22 Years Later, Interface Still Leads Corporate World, Uses 96% Renewable Energy

Interface, one of the first companies in the world to set a goal of 100% renewable energy, is almost there.

22 years ago, founder Ray Anderson realized what his carpet company was doing to the planet and became an evangelist for corporate sustainability. Now, Mission Zero (zero emissions) has achieved 96% renewable energy for US manufacturing plants. Worldwide, the company’s total is 84%.

Interface’s goal is to eliminate all negative impacts by 2020 – that’s four years away! Unlike most corporations whose renewable energy comes from wind and solar, Interface gets 53% of its total energy from biogas.

“We hope that Interface’s use of biogas will contribute to creating a marketplace for more innovation in renewables,” says Erin Meezan, Vice President of Sustainability.

Read our article, Interface Flooring Closing In On Mission Zero.

We miss Ray Anderson, who passed in 2011, a visionary and deeply caring man. 



Sustainability leaders like Interface are increasing supported by major stock exchanges, like FTSE Russell’s new fossil-free index, Divest-Invest Developed 200 Index. The index omits fossil companies and instead includes corporate leaders, guiding investors to companies that have “low carbon risks.”

53 major corporations have reached 50% renewable electricity and are expected to attain 80% by 2020, such as Adobe, Autodesk, BMW Group, Coca-Cola, Google, Microsoft, IKEA, Johnson & Johnson, Mars Inc., Nestlé, Nike, Philips, Procter & Gamble, Starbucks, and Unilever.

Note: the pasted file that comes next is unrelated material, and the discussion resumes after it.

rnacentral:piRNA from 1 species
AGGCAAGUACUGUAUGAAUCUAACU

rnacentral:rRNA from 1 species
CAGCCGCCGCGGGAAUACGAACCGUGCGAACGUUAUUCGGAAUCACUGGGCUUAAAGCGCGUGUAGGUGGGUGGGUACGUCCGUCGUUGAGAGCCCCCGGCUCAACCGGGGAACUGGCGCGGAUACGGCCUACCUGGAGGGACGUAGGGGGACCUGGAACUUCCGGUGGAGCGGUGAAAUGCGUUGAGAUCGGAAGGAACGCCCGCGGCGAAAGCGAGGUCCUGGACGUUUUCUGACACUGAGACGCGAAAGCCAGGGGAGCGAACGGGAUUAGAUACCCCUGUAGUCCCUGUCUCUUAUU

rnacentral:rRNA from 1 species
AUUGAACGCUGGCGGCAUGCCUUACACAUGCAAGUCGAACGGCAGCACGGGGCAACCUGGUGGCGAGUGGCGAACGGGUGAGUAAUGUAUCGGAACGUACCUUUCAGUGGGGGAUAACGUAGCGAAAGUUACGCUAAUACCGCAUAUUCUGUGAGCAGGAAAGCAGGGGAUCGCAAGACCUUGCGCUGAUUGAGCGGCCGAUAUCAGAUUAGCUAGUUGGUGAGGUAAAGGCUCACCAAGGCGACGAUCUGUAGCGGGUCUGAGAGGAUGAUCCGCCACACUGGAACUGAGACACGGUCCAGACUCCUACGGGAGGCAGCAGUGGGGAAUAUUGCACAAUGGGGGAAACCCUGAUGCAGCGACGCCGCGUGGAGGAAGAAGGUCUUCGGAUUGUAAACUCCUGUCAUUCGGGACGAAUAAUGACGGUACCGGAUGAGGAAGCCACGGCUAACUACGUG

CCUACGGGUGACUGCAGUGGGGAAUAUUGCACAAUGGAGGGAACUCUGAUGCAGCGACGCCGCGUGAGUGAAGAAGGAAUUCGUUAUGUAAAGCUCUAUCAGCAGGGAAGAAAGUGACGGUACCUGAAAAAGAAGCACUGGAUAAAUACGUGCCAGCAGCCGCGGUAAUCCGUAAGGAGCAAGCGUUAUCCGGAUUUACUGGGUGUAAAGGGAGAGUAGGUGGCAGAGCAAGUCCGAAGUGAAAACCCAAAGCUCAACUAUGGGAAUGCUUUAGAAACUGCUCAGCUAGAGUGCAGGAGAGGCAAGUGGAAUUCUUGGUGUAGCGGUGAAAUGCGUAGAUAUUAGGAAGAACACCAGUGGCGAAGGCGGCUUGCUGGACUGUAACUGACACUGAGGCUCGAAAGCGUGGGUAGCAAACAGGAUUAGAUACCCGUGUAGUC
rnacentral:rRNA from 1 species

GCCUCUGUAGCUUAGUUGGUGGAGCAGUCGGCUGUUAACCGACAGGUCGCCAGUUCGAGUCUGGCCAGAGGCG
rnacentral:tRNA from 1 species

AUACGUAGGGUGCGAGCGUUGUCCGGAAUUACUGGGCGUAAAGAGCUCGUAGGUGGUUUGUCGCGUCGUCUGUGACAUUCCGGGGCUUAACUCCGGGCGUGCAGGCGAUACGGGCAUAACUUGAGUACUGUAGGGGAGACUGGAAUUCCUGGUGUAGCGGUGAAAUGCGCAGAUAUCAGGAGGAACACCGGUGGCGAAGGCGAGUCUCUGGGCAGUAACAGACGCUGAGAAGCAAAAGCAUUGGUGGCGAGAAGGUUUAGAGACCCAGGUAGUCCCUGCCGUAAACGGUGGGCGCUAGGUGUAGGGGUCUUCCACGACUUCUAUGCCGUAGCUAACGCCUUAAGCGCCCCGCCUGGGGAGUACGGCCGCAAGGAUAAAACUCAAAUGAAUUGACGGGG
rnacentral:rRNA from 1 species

At the Paris Climate Summit, 2,000 companies voluntarily submitted climate pledges to the United Nations. Unilever, for example, plans to be “carbon positive” in its operations by 2030, by running on 100% renewable energy, with 50% by 2020. As of 2014, it gets 28% of electricity from renewables.

Unilever says its sustainability efforts have saved $424 million so far, and brands that are most active, such as Dove, Lifebuoy, Ben & Jerry’s and Comfort – perform the best, reports Reuters.

Taken together, carbon emissions from the S&P 500 account for 15% of the world’s total, equal to France, Germany and the UK combined, according to the S&P Dow Jones Carbon Emitter Scorecard.  And 50 of them are responsible for 75% of those emissions, mostly in the energy, materials and utilities sectors.

Incredibly, the collective actions of just 140 companies could get the world 65% of the way toward constraining temperature rise to 2°C.   89% of corporations are actively reducing greenhouse gas emissions compared to 49% five years ago, says CEP.

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